'Recognizing Armenian genocide is a moral imperative for Jews'

Knesset speaker maintains discussion does not blame any modern country, but shows Israel identifies with victims of massacre.

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May 13, 2014 20:12
2 minute read.
MONUMENT commemorating the Armenian genocide

MONUMENT commemorating the Armenian genocide 370. (photo credit: Reuters)

 
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As Jews, we must recognize the suffering of the Armenian people, even if we do not blame anyone, Knesset Speaker Yuli Edelstein said on Tuesday at a plenum discussion of the Armenian Genocide of 1915.

“This discussion does not blame any modern country, rather it shows that we identify with the victims of the massacre and its terrible outcome,” he said.

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“We are not placing blame; we are acting like Jews and being faithful to the truth and the suffering of another people,” Edelstein continued. “We cannot deny history and hold back human values out of diplomatic or political caution.”

He spoke in response to a motion to the agenda by Meretz chairwoman Zehava Gal-On, calling for the government to recognize the Armenian Genocide before its 100th anniversary next year.

“The government should not sacrifice the recognition in the name of temporary interests,” she said. “Every time there’s a different diplomatic situation. When we’re for relations with Turkey, we don’t recognize the genocide and then there’s the Marmara [Turkish Gaza protest ship in 2010] and we change our mind.”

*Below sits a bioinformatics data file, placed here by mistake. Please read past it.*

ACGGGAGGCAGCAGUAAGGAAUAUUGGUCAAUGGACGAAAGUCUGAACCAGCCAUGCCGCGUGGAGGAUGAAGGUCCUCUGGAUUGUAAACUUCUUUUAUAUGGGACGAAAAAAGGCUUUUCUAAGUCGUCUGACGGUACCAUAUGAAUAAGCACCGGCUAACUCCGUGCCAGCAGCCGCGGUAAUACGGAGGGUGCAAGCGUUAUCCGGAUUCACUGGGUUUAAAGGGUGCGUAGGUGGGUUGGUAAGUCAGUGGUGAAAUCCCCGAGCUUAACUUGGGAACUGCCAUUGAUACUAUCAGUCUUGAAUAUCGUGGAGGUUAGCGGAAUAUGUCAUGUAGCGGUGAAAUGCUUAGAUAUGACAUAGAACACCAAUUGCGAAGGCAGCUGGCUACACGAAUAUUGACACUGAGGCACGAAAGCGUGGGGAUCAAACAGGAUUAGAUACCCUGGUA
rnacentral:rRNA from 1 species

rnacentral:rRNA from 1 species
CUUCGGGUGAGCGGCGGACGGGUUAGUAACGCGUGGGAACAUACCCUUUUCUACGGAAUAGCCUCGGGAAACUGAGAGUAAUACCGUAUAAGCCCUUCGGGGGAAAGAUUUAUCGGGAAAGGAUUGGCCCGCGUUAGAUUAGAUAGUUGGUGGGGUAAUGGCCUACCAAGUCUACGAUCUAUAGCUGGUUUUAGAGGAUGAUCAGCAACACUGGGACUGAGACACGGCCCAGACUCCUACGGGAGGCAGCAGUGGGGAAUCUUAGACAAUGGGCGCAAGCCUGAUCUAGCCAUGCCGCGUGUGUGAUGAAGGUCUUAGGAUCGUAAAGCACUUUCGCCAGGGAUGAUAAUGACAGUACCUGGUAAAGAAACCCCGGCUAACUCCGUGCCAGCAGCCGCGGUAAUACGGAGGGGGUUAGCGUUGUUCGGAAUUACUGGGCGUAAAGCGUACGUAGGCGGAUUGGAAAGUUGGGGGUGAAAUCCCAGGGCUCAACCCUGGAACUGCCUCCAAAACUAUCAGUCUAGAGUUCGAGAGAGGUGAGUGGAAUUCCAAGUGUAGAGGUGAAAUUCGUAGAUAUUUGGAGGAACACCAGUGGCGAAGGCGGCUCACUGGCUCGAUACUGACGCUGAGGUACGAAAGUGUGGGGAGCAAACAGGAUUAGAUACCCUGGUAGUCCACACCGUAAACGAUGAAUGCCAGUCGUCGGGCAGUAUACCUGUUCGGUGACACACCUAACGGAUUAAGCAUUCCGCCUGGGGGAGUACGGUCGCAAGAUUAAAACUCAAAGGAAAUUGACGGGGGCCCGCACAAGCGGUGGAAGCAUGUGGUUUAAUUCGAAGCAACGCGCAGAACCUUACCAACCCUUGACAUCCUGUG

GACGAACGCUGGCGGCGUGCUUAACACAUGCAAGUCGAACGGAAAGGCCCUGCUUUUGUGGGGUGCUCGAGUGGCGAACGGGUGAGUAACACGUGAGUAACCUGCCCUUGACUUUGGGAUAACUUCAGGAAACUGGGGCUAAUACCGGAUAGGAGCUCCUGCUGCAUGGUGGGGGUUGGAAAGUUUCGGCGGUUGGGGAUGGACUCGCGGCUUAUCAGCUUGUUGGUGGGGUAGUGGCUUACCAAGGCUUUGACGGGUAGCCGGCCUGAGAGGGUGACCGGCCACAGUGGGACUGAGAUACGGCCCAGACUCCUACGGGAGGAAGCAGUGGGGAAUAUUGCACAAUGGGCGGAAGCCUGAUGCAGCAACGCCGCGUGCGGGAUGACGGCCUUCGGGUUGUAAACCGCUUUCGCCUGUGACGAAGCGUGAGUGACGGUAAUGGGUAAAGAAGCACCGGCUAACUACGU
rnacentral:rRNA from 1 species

The Meretz leader pointed out that many MKs are children of Holocaust survivors.

“As a nation that experienced the Holocaust, we cannot continue to ignore the Armenian Genocide because of irrelevant considerations,” she said.

According to MK Reuven Rivlin (Likud Beytenu), the Jewish People were “next in line” after the Armenians to be killed.


“Whoever thought of the Final Solution got the impression that, when the day comes, the world will be silent, as it was about the Armenians. It is hard for me to forgive other nations for ignoring our tragedy and we cannot ignore another nation’s tragedy. That is our moral obligation as people and Jews,” Rivlin said. A recent expression of regret from a Turkish official is connected to the fact that many countries, including Israel, refuse to ignore the genocide, Rivlin added.

Tourism Minister Uzi Landau (Likud Beytenu) responded to the motion in Foreign Minister Avigdor Liberman’s place, saying that as Jews and Israelis, there is a moral obligation to recognize human tragedies, including the Armenian Genocide.

“It is a good thing that the Knesset marks these tragedies. The State of Israel never denied what happened,” Landau said.

However, the tourism minister said that in recent years the topic became a political one between Turkey and Armenia and each side is trying to prove it is right.

“We hope these two countries will implement the agreement they signed several years ago and will continue to have an open, deep dialogue that will allow them to heal from the wounds that remained open for decades,” Landau said.

When the discussion ended, the motion was moved to the Knesset Foreign Affairs and Defense Committee, as opposed to the Knesset Education Committee as Gal- On proposed. She accused Liberman of sending MK Shimon Ohayon (Likud Beytenu) to make sure the motion was moved to the classified committee in order to “bury” it.

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